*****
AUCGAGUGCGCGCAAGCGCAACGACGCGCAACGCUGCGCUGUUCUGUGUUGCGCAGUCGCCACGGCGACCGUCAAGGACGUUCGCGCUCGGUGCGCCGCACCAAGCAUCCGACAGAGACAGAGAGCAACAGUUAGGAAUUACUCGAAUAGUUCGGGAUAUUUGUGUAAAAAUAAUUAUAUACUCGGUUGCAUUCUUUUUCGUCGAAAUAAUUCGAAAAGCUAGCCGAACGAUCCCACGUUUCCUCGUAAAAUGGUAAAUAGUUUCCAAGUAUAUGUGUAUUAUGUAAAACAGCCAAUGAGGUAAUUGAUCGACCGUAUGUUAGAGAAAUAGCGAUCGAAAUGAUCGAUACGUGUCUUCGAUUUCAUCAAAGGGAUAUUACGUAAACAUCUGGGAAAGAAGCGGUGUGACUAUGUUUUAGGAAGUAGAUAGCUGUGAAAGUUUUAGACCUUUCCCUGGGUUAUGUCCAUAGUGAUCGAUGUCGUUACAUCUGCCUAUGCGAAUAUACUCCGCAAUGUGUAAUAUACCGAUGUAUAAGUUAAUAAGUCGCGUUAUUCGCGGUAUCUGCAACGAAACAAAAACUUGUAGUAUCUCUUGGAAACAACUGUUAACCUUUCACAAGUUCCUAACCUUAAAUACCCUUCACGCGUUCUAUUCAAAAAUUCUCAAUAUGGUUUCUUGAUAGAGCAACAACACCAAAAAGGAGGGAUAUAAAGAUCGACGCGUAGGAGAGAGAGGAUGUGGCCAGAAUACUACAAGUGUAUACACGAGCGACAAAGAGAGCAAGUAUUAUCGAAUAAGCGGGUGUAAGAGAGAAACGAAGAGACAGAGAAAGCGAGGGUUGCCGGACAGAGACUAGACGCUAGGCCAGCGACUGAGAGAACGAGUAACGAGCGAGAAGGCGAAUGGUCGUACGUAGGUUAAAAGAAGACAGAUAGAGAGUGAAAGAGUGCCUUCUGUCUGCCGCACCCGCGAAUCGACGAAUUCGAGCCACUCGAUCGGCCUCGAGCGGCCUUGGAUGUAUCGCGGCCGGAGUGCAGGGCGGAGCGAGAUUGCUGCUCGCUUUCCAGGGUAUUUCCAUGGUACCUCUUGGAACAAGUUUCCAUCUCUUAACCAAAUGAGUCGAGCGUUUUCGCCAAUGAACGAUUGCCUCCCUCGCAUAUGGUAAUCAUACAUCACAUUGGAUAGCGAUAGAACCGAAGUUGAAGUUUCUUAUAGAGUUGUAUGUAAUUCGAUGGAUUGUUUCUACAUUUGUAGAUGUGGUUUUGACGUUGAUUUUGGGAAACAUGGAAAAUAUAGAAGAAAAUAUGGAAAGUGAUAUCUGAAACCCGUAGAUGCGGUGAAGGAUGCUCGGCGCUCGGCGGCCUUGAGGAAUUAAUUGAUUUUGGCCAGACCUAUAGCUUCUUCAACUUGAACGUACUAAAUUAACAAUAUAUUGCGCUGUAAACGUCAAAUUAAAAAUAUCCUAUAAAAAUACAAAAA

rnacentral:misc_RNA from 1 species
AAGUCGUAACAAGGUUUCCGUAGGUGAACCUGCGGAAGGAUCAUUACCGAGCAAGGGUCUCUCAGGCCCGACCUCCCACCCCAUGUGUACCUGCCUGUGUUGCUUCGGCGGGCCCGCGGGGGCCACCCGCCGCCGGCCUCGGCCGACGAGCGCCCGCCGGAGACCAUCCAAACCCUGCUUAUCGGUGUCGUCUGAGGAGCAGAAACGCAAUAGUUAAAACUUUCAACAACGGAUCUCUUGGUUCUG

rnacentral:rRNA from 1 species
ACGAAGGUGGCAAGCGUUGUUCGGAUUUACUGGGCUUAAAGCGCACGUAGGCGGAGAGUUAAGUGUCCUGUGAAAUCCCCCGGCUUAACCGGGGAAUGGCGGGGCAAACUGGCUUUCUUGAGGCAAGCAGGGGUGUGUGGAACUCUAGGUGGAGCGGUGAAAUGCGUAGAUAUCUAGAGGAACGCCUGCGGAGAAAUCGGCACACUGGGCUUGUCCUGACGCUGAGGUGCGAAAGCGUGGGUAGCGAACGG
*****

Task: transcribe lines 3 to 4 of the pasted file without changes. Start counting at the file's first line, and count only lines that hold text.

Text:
AAGUCGUAACAAGGUUUCCGUAGGUGAACCUGCGGAAGGAUCAUUACCGAGCAAGGGUCUCUCAGGCCCGACCUCCCACCCCAUGUGUACCUGCCUGUGUUGCUUCGGCGGGCCCGCGGGGGCCACCCGCCGCCGGCCUCGGCCGACGAGCGCCCGCCGGAGACCAUCCAAACCCUGCUUAUCGGUGUCGUCUGAGGAGCAGAAACGCAAUAGUUAAAACUUUCAACAACGGAUCUCUUGGUUCUG

rnacentral:rRNA from 1 species